The NOAA Marine Debris Program teamed up with Clean Bays to remove industrial debris from 18 miles of shoreline and nearshore environments in East Providence, Rhode Island.
The Nature Conservancy and the Quinault Indian Nation removed derelict crab pots and developed a sustainable reporting and annual recovery program for lost crab pots on the Washington Coast.
The Regents of UC Davis, Humboldt Fishermen’s Marketing Association and the NOAA Marine Debris Program teamed up to establish a fishermen-led commercial fishing gear recovery and recycling effort in California.
The Tijuana River NERR worked to remove debris and prevent further debris from washing down the Tijuana River Watershed from Mexico.
South Carolina Sea Grant Consortium removed derelict vessels and other marine debris using community-based initiatives.
CCE removed derelict lobster traps from Long Island Sound.
Coral Bay Community Council removed derelict vessels, involved locals in marine debris cleanups, and worked with local waste management and recycling groups to reduce marine debris.
LagoonKeepers.org worked to improve the quality of Palm Beach County’s estuarine, coastal, and near-shore marine ecosystems through derelict and sunken boat removal.
Sustainable Coastlines Hawaii and the NOAA Marine Debris Program worked together to inspire coastal stewardship through coastal cleanups.
The American Littoral Society piloted a marine debris removal project in New York's Jamaica Bay
The Sitka Sound Science Center worked to remove approximately 106 tons of marine debris from important areas around local communities across the Bering Sea.
The Northwest Straits Foundation combated derelict fishing gear in the Puget Sound by removing derelict nets and conducting outreach with local tribes and fishermen about the impacts of derelict gear.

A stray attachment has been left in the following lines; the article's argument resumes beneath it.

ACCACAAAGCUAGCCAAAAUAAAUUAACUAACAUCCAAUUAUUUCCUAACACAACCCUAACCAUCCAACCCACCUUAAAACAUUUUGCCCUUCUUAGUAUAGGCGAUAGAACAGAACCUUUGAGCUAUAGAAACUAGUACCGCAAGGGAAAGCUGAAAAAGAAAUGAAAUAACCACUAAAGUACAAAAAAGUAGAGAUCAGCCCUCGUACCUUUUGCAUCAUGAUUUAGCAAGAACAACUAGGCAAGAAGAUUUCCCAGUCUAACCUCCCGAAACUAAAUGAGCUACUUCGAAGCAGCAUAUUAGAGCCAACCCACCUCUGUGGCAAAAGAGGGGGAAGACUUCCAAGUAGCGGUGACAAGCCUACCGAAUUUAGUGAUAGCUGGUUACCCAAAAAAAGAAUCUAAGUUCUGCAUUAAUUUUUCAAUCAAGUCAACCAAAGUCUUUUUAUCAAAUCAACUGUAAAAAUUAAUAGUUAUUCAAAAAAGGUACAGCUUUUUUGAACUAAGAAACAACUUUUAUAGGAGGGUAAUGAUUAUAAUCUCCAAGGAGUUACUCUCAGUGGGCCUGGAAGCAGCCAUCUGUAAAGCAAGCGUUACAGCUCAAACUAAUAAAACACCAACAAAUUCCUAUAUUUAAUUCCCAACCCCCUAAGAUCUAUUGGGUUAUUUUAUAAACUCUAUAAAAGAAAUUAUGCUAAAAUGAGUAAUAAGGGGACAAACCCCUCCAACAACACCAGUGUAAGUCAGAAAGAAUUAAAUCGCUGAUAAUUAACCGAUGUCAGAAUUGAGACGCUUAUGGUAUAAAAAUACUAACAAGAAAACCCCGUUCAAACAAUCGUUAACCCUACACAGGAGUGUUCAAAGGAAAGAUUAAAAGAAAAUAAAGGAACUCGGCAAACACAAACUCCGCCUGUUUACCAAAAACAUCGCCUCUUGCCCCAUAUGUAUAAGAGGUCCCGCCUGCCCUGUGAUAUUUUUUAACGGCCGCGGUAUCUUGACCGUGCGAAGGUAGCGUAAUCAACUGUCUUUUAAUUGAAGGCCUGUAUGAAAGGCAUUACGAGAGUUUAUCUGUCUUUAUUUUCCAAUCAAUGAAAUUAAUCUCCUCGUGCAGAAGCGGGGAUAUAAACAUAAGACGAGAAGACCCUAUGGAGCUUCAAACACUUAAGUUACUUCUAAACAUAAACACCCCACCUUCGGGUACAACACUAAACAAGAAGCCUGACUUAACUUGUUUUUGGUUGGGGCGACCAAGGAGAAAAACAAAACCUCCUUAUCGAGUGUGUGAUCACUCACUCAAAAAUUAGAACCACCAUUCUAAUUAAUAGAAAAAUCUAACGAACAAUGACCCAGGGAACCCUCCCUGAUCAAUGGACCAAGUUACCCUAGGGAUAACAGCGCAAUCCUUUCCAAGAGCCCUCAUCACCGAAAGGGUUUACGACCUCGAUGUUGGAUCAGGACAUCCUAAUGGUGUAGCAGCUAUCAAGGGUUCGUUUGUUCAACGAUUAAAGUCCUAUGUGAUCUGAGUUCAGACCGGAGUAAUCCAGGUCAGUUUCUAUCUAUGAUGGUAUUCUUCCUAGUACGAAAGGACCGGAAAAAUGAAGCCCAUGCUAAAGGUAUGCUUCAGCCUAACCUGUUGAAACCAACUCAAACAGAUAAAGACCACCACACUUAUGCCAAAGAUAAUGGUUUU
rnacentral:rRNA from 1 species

Hawai‘i Wildlife Fund volunteers patroled the Ka‘ū coast on the Big Island of Hawai‘i for marine debris.
KIRC removed marine debris accumulations on Kaho'olawe Island in Hawai'i.
Hofstra University removed marine debris from one of New York's last natural salt marshes.
North Carolina Coastal Federation removed derelict crab pots and re-purposing them into oyster reefs.
NOAA supported the Coastal Cleanup Corporation in its effort to remove marine debris from sea turtle nesting habitat.
NOAA supported Dauphin Island Sea Lab's efforts to remove abandoned and derelict vessels in Dog River, Alabama.
NOAA supported the indigenous Wiyot Tribe in its effort to remove marine debris from an ancient cultural site.
NOAA supported the Sitka Sound Science Center in efforts to remove tsunami debris from Southeast Alaska and educate Sitka's youth about the impact of marine debris.
Island Trails Network in Alaska worked to remove marine debris from Tugidak Island, a critical habitat area in the Kodiak Archipelago.
This debris removal project focused on an area around Detroit's Belle Isle that was filled with old building material from the city.
Surfrider Foundation’s Rincón chapter worked to protect Puerto Rico's coral reefs by removing heavy marine debris.
NOAA supported San Diego Unified Port District in efforts to remove marine debris from San Diego Bay.
The Northwest Straits Initiative has worked in partnership with the NOAA Marine Debris Program to eliminate harmful derelict fishing gear in Puget Sound.